Four of the biggest technology firms - Apple, Google, Intel and Adobe - have settled a class action lawsuit alleging they conspired to hold down salaries.
With the doors to its brand new £1million training centre officially open, one of the UK's leading apprentice training providers, Bristol based S&B Automotive Academy, is showcasing its world-class facilities by launching a series of foreign student exchanges for the first time in its 41-year history. To get a flavour of what life is like as an apprentice in the UK, the Academy hosted 16 apprentice engineers and bus drivers from the G9 Automotive College in Hamburg, Germany, as part of a Europe-wide vocational training initiative called the ‘Leonardo Programme’ with support from the European Social Fund. In a reciprocal arrangement, S&B will be sending nine apprentices to Germany during February 2012 so that they can get an appreciation of life in the automotive industry on the Continent. A further three German exchange groups are being planned for next year. Designed to assist the development of vocational skills and training across Europe, including work placements for trainees, the Leonardo Programme has a budget of €1.75bn, which is helping to encourage UK organisations to work with their counterparts abroad. In what is expected to be another challenging year for employers in the UK automotive sector, S&B’s Chief Executive, Jon Winter, claims that the exchange initiative will bring many benefits to the Academy and its apprentices: “In a world of global automotive brands, it’s important for our learners to understand the international context of the industry they have chosen to make their career. This new exchange programme will enable apprentices and Academy staff alike to achieve a better understanding of the challenges and opportunities within the automotive arena in Europe. With the Academy’s influence also extending to the USA and Asia, there’s every possibility that this initiative could move further afield in the future.” Continued Winter: “The need for skilled technicians across the world is on the increase and we actively encourage our apprentices to look at broader horizons during their training. Many of them have already learned the phrase ‘Vorsprung durch Gelehrtheit’, quite simply, ‘Advancement through learning.” In the 2010/11 academic year, S&B doubled the number of successful Apprenticeships over the previous year with some 350 apprentices graduating from the Academy. At the same time, achievement levels reached an all-time high with an overall success rate of 85%. For those learners on the Advanced Apprenticeship three-year programme, success rates were even higher, at over 98%. PHOTO CAPTION: As part of their exchange visit, S&B Automotive Academy arranged for the German apprentices to visit Hampshire bus operator, Bluestar, at its Barton Park depot. The students are pictured with S&B’s Andy West (3rd right) and Steve Prewett, Bluestar’s Area Engineering Manager (2nd right). Ends http://www.sandbaa.com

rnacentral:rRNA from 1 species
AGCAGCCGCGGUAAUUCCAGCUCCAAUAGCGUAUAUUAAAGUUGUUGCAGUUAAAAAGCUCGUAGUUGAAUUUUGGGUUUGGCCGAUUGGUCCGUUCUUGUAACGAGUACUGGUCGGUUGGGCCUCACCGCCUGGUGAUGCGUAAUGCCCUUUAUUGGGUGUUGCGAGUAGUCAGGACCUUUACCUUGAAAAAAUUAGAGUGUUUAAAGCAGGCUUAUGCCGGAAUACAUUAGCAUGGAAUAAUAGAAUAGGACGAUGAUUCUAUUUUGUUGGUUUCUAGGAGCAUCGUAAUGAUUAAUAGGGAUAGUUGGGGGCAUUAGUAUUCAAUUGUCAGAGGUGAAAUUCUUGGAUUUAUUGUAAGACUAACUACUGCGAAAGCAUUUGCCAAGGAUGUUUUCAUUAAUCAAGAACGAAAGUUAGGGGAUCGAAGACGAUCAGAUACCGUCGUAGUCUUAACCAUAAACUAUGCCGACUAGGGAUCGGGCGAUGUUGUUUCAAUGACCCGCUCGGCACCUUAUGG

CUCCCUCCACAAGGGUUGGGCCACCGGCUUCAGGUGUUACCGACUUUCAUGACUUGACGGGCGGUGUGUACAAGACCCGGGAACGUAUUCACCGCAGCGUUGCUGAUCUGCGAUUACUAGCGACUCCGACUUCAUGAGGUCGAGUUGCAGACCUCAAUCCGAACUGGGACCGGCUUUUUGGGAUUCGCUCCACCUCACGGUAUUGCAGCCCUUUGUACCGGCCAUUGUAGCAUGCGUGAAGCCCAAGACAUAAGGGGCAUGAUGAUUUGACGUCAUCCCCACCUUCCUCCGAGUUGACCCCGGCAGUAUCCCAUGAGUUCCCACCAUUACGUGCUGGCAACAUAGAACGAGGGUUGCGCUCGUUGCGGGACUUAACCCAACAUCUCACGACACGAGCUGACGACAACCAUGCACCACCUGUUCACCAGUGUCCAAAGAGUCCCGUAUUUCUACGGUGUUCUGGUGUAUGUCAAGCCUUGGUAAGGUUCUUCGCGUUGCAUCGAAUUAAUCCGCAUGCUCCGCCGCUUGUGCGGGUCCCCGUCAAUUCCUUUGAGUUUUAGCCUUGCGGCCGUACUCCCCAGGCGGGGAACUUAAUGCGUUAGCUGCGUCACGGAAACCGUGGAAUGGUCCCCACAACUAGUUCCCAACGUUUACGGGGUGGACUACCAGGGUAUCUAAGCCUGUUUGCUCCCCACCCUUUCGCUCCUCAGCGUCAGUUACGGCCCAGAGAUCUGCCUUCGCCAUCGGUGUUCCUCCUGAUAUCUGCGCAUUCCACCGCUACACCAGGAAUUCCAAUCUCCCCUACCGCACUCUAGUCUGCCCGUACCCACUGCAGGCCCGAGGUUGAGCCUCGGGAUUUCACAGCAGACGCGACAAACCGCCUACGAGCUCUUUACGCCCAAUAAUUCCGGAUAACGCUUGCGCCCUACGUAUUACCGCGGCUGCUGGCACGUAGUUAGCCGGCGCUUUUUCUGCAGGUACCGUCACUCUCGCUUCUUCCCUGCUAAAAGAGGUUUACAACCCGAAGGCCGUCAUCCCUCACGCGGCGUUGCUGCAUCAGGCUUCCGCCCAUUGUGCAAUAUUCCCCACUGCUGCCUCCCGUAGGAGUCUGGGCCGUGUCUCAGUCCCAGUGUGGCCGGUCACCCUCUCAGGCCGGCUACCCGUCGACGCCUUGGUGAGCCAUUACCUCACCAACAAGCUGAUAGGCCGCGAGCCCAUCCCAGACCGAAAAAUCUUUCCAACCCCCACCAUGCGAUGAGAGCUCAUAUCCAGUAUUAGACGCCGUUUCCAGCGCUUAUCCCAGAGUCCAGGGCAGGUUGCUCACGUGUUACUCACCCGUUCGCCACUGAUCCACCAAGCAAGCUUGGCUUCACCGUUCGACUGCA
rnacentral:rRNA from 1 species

A village museum in East Sussex will go up against Tate Britain and the new £35m Mary Rose Museum in a contest to be named the UK's museum of the year.